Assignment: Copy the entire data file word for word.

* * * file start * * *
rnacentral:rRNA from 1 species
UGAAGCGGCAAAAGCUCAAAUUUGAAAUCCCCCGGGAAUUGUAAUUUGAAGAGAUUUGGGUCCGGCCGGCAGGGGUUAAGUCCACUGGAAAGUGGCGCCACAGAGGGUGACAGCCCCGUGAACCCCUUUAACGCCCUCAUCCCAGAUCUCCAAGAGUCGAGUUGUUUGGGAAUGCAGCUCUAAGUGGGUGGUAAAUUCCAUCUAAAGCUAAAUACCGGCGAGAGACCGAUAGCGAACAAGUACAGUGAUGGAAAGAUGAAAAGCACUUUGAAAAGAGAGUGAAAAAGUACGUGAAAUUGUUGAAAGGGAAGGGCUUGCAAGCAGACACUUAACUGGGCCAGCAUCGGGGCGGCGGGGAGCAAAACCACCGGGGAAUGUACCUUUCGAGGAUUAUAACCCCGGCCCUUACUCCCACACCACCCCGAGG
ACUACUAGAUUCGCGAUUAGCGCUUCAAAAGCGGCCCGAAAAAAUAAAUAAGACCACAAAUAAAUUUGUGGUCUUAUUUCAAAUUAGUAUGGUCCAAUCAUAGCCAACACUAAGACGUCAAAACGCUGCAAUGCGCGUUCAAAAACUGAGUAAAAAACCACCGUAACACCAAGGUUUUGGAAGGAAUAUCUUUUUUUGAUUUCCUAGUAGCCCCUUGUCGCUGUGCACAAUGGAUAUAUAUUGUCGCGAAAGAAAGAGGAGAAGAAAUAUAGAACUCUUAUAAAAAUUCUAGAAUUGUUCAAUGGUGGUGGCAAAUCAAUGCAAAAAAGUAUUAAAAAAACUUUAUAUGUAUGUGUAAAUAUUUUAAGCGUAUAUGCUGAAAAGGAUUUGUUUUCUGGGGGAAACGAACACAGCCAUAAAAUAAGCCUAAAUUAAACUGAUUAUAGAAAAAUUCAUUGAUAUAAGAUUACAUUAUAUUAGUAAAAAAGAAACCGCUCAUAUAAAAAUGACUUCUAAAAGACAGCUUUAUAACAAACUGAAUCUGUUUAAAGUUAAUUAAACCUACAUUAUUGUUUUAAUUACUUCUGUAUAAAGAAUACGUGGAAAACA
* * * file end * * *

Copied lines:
rnacentral:rRNA from 1 species
UGAAGCGGCAAAAGCUCAAAUUUGAAAUCCCCCGGGAAUUGUAAUUUGAAGAGAUUUGGGUCCGGCCGGCAGGGGUUAAGUCCACUGGAAAGUGGCGCCACAGAGGGUGACAGCCCCGUGAACCCCUUUAACGCCCUCAUCCCAGAUCUCCAAGAGUCGAGUUGUUUGGGAAUGCAGCUCUAAGUGGGUGGUAAAUUCCAUCUAAAGCUAAAUACCGGCGAGAGACCGAUAGCGAACAAGUACAGUGAUGGAAAGAUGAAAAGCACUUUGAAAAGAGAGUGAAAAAGUACGUGAAAUUGUUGAAAGGGAAGGGCUUGCAAGCAGACACUUAACUGGGCCAGCAUCGGGGCGGCGGGGAGCAAAACCACCGGGGAAUGUACCUUUCGAGGAUUAUAACCCCGGCCCUUACUCCCACACCACCCCGAGG
ACUACUAGAUUCGCGAUUAGCGCUUCAAAAGCGGCCCGAAAAAAUAAAUAAGACCACAAAUAAAUUUGUGGUCUUAUUUCAAAUUAGUAUGGUCCAAUCAUAGCCAACACUAAGACGUCAAAACGCUGCAAUGCGCGUUCAAAAACUGAGUAAAAAACCACCGUAACACCAAGGUUUUGGAAGGAAUAUCUUUUUUUGAUUUCCUAGUAGCCCCUUGUCGCUGUGCACAAUGGAUAUAUAUUGUCGCGAAAGAAAGAGGAGAAGAAAUAUAGAACUCUUAUAAAAAUUCUAGAAUUGUUCAAUGGUGGUGGCAAAUCAAUGCAAAAAAGUAUUAAAAAAACUUUAUAUGUAUGUGUAAAUAUUUUAAGCGUAUAUGCUGAAAAGGAUUUGUUUUCUGGGGGAAACGAACACAGCCAUAAAAUAAGCCUAAAUUAAACUGAUUAUAGAAAAAUUCAUUGAUAUAAGAUUACAUUAUAUUAGUAAAAAAGAAACCGCUCAUAUAAAAAUGACUUCUAAAAGACAGCUUUAUAACAAACUGAAUCUGUUUAAAGUUAAUUAAACCUACAUUAUUGUUUUAAUUACUUCUGUAUAAAGAAUACGUGGAAAACA